This context related semantic information, which actually is the basis of user profiling, provides adequate feedback to an adaptive system that personalizes the Web environment provided to the user according to his preferences or abilities- the context at an intrinsic level that is. This approach and the proposed user model of information processing characteristics also may have a modular role in a context aware system, along with other parameters that compose the broader concept of context.

Moreover, even if such a perspective may seem theoretically viable, we nevertheless consider that its validity may be objectively and empirically measured, in the sense that users are either benefited or not by introducing their intrinsic characteristics as context related information. This empirical validation is the backbone of this chapter, in an effort to elucidate if a certain set of application design guidelines may gradually be developed. Addressing the issue of HCI design, it would be of high practical value to explore new ways of translating theories from the field of social sciences and psychology into apt design rules.

One of the key issues is nevertheless the notion of adaptivity that allows the meaningful use of context related information in the area of individual differences. The function of adaptivity may as well be considered as a level of intelligence embedded in a Web environment, regardless of whether users’ or interface/technical characteristics are involved. A certain form of mapping rules and corresponding implications on the information space are required, in order for a system to alter visible to the user aspects of the environment, utilizing in our case the intrinsic context information. Therefore, a serious analysis of user requirements and characteristics has to be undertaken, documented and examined, taking into consideration their multi-application to the various delivery channels and devices- though the latter issue of delivery and device context is not part of our research at this point.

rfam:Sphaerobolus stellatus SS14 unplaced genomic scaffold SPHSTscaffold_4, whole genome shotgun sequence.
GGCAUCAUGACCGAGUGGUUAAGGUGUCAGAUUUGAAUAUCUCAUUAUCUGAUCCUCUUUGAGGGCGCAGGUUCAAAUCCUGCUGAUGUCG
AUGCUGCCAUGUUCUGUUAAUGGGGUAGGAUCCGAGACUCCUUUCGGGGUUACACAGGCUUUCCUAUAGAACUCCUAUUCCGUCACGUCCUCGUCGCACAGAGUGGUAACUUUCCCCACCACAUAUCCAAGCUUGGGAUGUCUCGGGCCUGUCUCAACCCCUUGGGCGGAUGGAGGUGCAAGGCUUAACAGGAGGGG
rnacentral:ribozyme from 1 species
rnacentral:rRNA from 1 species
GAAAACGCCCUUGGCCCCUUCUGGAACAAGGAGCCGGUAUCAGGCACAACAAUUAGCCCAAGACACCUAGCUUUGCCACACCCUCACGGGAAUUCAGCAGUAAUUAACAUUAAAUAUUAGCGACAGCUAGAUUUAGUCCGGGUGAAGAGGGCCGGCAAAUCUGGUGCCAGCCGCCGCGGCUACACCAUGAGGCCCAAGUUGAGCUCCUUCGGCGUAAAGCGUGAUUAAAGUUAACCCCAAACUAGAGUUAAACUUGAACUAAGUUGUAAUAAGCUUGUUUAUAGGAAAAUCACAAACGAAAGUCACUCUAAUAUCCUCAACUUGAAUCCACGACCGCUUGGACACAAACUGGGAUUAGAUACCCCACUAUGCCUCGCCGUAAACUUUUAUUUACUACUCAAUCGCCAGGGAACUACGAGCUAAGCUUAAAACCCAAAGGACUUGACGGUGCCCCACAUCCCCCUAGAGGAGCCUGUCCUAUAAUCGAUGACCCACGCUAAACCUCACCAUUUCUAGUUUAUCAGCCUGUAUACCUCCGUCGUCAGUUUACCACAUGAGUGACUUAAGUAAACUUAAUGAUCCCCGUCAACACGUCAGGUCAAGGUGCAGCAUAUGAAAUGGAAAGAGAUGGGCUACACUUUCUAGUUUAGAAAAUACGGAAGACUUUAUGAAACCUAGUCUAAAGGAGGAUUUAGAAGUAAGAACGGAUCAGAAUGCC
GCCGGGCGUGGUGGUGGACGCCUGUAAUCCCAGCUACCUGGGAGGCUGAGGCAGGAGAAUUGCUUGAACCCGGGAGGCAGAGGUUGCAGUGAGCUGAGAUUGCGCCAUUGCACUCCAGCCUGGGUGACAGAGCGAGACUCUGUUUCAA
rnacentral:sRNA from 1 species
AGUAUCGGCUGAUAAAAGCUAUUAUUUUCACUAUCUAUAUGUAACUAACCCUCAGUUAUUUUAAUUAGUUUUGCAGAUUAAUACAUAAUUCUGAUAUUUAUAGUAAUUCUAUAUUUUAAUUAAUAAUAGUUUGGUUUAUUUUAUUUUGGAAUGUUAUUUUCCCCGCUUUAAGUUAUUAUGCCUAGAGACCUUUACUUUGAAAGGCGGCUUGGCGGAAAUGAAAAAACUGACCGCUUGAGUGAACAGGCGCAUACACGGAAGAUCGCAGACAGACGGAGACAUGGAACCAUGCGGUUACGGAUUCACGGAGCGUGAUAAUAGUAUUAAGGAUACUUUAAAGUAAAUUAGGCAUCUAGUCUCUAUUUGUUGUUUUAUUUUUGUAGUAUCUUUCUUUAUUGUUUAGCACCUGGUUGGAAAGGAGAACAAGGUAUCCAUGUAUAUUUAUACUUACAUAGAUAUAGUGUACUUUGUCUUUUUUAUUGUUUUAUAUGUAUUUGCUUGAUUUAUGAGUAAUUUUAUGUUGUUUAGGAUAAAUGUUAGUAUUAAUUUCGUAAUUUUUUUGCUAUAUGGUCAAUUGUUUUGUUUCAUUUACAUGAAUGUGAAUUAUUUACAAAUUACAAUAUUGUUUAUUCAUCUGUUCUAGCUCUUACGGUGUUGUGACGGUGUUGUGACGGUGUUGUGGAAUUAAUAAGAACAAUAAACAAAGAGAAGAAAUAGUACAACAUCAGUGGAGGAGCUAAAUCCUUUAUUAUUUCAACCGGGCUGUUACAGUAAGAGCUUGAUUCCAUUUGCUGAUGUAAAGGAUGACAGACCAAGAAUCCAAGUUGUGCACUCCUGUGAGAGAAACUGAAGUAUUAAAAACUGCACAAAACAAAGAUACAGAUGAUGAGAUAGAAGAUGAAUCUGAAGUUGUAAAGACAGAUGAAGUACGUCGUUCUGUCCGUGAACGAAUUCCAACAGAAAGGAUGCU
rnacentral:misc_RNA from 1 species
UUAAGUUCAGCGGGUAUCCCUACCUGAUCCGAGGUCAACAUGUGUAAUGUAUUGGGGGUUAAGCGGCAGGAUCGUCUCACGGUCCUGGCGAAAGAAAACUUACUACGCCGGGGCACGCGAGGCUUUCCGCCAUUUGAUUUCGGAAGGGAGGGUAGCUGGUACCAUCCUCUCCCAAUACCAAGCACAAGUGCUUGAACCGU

To be more specific about users’ requirements (characteristics, abilities and preferences), our psychometrically based research focuses on user cognitive and emotional characteristics that have an effect on real-time information processing. We consequently approach the issue of context from the perspective of the psychology of individual differences, aiming to maximize the performance of users within information distributing Web environments, by personalizing on the basis of their needs. This is somehow related to previous work on adaptive hypermedia, mainly educational, where learners’ characteristics are the motivating factor of a personalization mechanism (Papanikolaou et al, 2003; Carver, Howard, & Lane, 1999; Gilbert & Han, 2002).